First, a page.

So I adapted my HTTP trigger to accept a JSON payload, which contains the name of the folder on SharePoint and the name of the blob container.

Read on to see the error message, as well as how Koen resolved the problem.

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CETAS in the Serverless Pool and Blob Storage Variants

Dennes Torres gives us a warning:

While making some CETAS tests, I discovered an interesting new behaviour. The following error message was displayed and it was very strange:

Msg 16539, Level 16, State 1, Line 1
Operation failed since the external data source ‘’ has underlying storage account that is not in the list of Outbound Firewall Rules on the server. Please add this storage account to the list of Outbound Firewall Rules on your server and retry the operation.

Read on for the cause of this error message.

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Avoiding Dynamic Data Sources Error with OData.Feed

Chris Webb avoids an error altogether:

In my last post I showed how, in many cases, you can avoid the “dynamic data sources” error with OData data sources by taking advantage of query folding. That’s not always possible though and in this post I’ll show you how you can use the Query option of the OData.Feed function to do so instead.

As always, Chris provides some nice detail and good examples.

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Replication from 2000 to 2012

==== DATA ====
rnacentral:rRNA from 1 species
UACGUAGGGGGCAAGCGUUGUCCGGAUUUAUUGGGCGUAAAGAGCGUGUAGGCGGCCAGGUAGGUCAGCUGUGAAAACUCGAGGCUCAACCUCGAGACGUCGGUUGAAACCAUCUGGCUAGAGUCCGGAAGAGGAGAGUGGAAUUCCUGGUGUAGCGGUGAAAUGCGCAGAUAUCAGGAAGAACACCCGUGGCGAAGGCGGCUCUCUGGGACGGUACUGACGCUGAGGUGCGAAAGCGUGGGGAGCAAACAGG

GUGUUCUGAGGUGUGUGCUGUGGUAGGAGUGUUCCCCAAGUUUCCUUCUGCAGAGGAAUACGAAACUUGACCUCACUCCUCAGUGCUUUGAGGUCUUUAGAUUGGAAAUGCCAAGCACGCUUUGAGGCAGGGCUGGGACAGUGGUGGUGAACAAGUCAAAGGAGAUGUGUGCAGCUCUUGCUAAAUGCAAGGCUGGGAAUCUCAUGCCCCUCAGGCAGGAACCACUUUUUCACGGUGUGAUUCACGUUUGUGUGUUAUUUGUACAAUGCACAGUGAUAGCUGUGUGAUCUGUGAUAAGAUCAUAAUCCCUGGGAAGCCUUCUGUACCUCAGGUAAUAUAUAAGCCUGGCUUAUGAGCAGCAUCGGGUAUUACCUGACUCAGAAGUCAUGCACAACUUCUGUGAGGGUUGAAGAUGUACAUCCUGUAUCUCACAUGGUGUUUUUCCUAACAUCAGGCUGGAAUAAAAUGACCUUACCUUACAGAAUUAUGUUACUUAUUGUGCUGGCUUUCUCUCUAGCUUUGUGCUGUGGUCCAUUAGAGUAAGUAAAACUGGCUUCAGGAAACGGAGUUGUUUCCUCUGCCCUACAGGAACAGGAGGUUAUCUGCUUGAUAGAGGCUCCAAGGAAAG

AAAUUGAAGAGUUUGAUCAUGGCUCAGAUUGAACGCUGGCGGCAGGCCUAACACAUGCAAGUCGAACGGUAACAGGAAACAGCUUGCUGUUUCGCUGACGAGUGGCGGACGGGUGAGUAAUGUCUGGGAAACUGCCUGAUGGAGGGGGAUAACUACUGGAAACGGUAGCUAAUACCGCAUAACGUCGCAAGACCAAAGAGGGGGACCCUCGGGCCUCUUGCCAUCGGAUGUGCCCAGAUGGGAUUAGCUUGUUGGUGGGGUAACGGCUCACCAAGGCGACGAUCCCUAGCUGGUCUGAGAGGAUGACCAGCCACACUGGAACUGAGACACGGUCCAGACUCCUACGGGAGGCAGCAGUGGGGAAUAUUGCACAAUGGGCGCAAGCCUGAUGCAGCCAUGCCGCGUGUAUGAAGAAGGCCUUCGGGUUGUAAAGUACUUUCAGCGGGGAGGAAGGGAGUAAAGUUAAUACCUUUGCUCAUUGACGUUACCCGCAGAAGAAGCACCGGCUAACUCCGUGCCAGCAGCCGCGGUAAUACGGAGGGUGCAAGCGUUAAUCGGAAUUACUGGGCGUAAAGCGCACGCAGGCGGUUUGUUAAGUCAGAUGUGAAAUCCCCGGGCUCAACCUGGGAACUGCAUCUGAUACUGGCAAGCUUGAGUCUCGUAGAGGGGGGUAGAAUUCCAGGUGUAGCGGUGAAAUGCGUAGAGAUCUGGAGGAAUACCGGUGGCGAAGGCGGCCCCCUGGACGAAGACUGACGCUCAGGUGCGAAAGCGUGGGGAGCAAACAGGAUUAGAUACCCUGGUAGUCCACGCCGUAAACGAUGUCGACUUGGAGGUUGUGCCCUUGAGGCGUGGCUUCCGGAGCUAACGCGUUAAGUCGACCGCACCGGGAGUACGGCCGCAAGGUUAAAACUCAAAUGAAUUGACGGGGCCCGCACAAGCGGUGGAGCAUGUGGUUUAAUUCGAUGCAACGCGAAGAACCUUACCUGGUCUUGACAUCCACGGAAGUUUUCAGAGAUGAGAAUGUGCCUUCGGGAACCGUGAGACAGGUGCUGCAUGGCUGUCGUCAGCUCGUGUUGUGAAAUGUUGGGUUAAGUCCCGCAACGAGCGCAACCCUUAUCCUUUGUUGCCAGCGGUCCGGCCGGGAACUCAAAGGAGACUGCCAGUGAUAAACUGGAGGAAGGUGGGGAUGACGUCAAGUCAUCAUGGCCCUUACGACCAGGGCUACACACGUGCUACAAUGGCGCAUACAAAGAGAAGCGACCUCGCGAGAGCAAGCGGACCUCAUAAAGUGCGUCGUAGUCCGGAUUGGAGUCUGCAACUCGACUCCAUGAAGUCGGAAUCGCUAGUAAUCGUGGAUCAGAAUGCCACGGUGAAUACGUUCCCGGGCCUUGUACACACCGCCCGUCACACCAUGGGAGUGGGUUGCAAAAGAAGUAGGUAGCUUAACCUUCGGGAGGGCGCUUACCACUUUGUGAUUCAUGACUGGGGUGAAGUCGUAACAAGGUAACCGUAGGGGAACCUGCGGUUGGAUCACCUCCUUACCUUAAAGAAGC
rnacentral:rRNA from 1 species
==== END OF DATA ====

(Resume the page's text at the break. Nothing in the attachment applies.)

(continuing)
Deepthi Gogrui pulls a fast one:

The scenario that I faced was little challenging. We had SQL Server 2012 production server replicating data to a Server 2000 which is used for reporting purposes. Subscriber SQL Server 2000 used by the reporting team were not ready to upgrade the Server as they need to rewrite their entire application as it was using vb6 code. They need a strategy where the data can still be replicated without upgrading the Server.

As I researched, I found that it is not compatible version but planned to test the replication to see if somehow it works. I tested the replication between SQL Server 2012 as a publisher and SQL Server 2000 as subscriber. I was able to setup the transactional replication between the servers for the database but found during the initial initialization snapshot, the ANSI_PADDING setting in the snapshot generated .sch files caused the issue while the distribution job runs. 

Read on for the solution. This turned out to work despite Microsoft’s official guidance that they only support replication between SQL Server instances within two versions of each other.

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OData Feeds and Dynamic Data Source Errors

Chris Webb handles an error:

I’ve blogged about the “dynamic data sources” error and the Web.Contents function several times (most recently here), main post here, but never about the fact that you can encounter the same error when working with OData data sources and the OData.Feed function. More importantly, while it seems like the solution to the problem is the same for both functions this is not the case! In fact, the solution may be simpler than you might think.

Click through for an example.